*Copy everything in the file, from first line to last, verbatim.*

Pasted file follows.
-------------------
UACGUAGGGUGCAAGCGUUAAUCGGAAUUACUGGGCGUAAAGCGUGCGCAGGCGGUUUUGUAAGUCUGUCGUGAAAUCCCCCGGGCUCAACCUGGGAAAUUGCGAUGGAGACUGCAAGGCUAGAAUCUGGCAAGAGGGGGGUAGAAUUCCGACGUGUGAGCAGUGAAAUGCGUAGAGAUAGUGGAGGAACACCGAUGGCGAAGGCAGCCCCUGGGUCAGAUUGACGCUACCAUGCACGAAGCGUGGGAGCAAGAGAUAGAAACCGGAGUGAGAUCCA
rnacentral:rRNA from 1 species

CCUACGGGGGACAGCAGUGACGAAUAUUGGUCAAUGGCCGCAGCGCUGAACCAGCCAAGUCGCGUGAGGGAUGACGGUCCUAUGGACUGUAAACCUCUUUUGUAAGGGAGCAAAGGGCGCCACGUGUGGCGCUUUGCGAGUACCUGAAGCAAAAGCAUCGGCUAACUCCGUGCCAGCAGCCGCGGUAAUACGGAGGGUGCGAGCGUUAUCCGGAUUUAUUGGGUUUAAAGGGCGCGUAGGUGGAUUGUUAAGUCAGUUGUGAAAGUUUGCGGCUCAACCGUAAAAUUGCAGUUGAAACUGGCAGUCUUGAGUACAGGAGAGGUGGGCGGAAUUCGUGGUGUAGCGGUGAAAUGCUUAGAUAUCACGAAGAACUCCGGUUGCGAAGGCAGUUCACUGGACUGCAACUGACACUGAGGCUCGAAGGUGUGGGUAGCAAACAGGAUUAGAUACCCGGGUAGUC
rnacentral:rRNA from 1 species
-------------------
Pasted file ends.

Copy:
UACGUAGGGUGCAAGCGUUAAUCGGAAUUACUGGGCGUAAAGCGUGCGCAGGCGGUUUUGUAAGUCUGUCGUGAAAUCCCCCGGGCUCAACCUGGGAAAUUGCGAUGGAGACUGCAAGGCUAGAAUCUGGCAAGAGGGGGGUAGAAUUCCGACGUGUGAGCAGUGAAAUGCGUAGAGAUAGUGGAGGAACACCGAUGGCGAAGGCAGCCCCUGGGUCAGAUUGACGCUACCAUGCACGAAGCGUGGGAGCAAGAGAUAGAAACCGGAGUGAGAUCCA
rnacentral:rRNA from 1 species

CCUACGGGGGACAGCAGUGACGAAUAUUGGUCAAUGGCCGCAGCGCUGAACCAGCCAAGUCGCGUGAGGGAUGACGGUCCUAUGGACUGUAAACCUCUUUUGUAAGGGAGCAAAGGGCGCCACGUGUGGCGCUUUGCGAGUACCUGAAGCAAAAGCAUCGGCUAACUCCGUGCCAGCAGCCGCGGUAAUACGGAGGGUGCGAGCGUUAUCCGGAUUUAUUGGGUUUAAAGGGCGCGUAGGUGGAUUGUUAAGUCAGUUGUGAAAGUUUGCGGCUCAACCGUAAAAUUGCAGUUGAAACUGGCAGUCUUGAGUACAGGAGAGGUGGGCGGAAUUCGUGGUGUAGCGGUGAAAUGCUUAGAUAUCACGAAGAACUCCGGUUGCGAAGGCAGUUCACUGGACUGCAACUGACACUGAGGCUCGAAGGUGUGGGUAGCAAACAGGAUUAGAUACCCGGGUAGUC
rnacentral:rRNA from 1 species